It's no stretch to say Taylor Guitars is a visionary company. With the many setbacks and challenges presented around the world last year, Taylor moved forward with enterprising ideas and some of their most innovative designs.
It all started with Taylor’s Urban Wood initiative – where select trees in need of removal from California cities were reclaimed and given a second life as premium instruments – which in turn, culminated in the discovery of an alternative and newfound tonewood dubbed “Urban Ash” and utilized in Taylor’s spectacular Builder’s Edition 324ce and 326ce acoustics.
In response to the many hardships people faced during the pandemic, Taylor also launched an affordable upscale line of acoustics in the American Dream Series.
And in case you weren’t aware, Taylor, in one fell swoop, transferred ownership of the company to its employees via a newly formed ESOP. Needless to say, Taylor has been laying the groundwork for the future of acoustic instruments and the people who make them.
Sandwiched between all of this, Taylor hosted the aptly nicknamed “Taylor Guitars Biggest Little Virtual Launch Event” where reviewers like myself received a Taylor AeroCase fastened with a travel lock whereupon the combination would only be revealed during the live stream.
Clever, for sure, and after opening the case I was greeted with the Taylor GTe, a pleasantly scaled-down acoustic with a new body shape and constructed with one of my favorite aforementioned tonewoods – Urban Ash.
The non-cutaway GT body designation is short for Grand Theater, and its dimensions intersect right between Taylor’s full-size Grand Concert and GS Mini body shapes. If you’re familiar with Taylor’s body curves, the GT is essentially their jumbo Grand Orchestra model shrunken to Goldilocks proportions.
The GTe’s width measures 15 inches across the lower bout and 4-1/4 inches deep, and its scale length is a limber 24-1/8 inches, which, according to Taylor, approximates the tension of a 25-1/2 scale length guitar with a capo on the first fret.
That shorter scale length coupled with a 1-23/32 inch nut width, slim neck carve with a slight V profile, and condensed fret spacing on its tropical mahogany neck all contribute to the GTe’s spry playability by bringing your hands closer to feel more connected to the instrument.
The GTe features a solid spruce top with a beautifully wide wood grain, but for its back and sides, Taylor uses Urban Ash, sourced from removed Shamel ash trees in California, and which happens to share similar tonal properties as high-grade Honduran mahogany.
Borrowing from their American Dream series, Taylor employs Eucalyptus for the fingerboard, bridge, and peghead overlay, as an alternative to ebony with comparable weight and density.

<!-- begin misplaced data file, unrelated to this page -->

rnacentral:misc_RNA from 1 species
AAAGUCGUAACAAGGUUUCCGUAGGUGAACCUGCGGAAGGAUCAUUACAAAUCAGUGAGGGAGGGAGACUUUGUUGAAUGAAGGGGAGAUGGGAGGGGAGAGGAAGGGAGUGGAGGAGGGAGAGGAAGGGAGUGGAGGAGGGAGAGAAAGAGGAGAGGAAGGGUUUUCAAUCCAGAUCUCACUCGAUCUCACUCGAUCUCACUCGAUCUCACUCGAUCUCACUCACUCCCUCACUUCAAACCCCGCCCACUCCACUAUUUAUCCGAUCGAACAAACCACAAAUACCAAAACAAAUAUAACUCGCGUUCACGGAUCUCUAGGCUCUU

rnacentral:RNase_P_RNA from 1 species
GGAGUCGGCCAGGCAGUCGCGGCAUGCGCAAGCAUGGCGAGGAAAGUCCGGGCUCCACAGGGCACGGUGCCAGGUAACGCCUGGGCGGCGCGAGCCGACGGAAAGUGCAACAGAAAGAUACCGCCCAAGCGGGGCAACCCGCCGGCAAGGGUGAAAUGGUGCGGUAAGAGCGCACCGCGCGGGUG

Other complimentary appointments include Urban Sienna wood stain on the back and sides, black purfling on the body’s edges, three-ring koa rosette, faux tortoise pickguard, and Italian acrylic “Pinnacle” inlays. In place of Taylor’s game-changing V-Class bracing, master guitar designer Andy Powers created C-Class bracing for the compact dimensions of the GTe.
This new cantilevered, asymmetrical bracing pattern adopts much of V-Class’s sonic and functional advantages, reinforcing the GTe with a more articulate bottom-end voice along with increased sustain and pitch-perfect intonation. Finally, the “e” in this GTe refers to Taylor’s built-in Expression System 2 electronics.
It’s best to consider Taylor’s GTe as an overachiever compared to other smaller-body and parlor acoustics because it stands to compete more closely with full-sized instruments but with all the inviting playability of a compact, short-scale acoustic.
The GTe imparts a thumping bass without the boom and bears a brightly crisp top end that projects an impressive able-bodied voice that puts it sonically closer to Taylor’s very own Grand Auditorium and Grand Pacific models – and plugged in, using its excellent onboard ES2 electronics, that contrast becomes harder to distinguish.
Either picked or strummed, it’s a genuinely punchy tone with a brassy shimmer where notes and chords linger just a little longer than expected, which makes it uncannily striking for its size.
The GTe is also designed for comfort, and I love its raw wood feel by way of its ultra-thin finish together with the slim and soft “V” neck profile that yields effortless playability.
For sure, the GTe fits the mold of a travel guitar, but really it’s one of those instruments that lets you breathe a sigh of relief if you’re unexpectedly asked to play a song in a room full of people because it’s so enjoyable and easy to play.
- PRICE: $1,599 / £1,619
- ORIGIN: USA
- TYPE: Mid-scale electro acoustic
- TOP: Solid spruce
- BACK/SIDES: Solid Urban Ash
- MAX RIM DEPTH: 115mm (4.5”)
- MAX BODY WIDTH: 380mm (15”)
- NECK: Mahogany
- SCALE LENGTH: 645mm (25.4”)
- TUNERS: Taylor nickel mini
- NUT/WIDTH 44mm
- FINGERBOARD: Eucalyptus, Italian acrylic 'Pinnacle inlays, 406mm (16”) radius
- FRETS: 20, medium
- BRIDGE/SPACING: Eucalyptus, 55mm
- ELECTRICS: Taylor Expression System ES-2 with treble, bass and volume controls
- WEIGHT (kg/lb): 1.72 / 3.8
- OPTIONS: None
- RANGE OPTIONS: The non-electro GT Urban Ash is £1619
- LEFT-HANDERS: No
- Case: Brown AeroCase
- FINISH: Matte 2.0 mil
- CONTACT: Taylor Guitars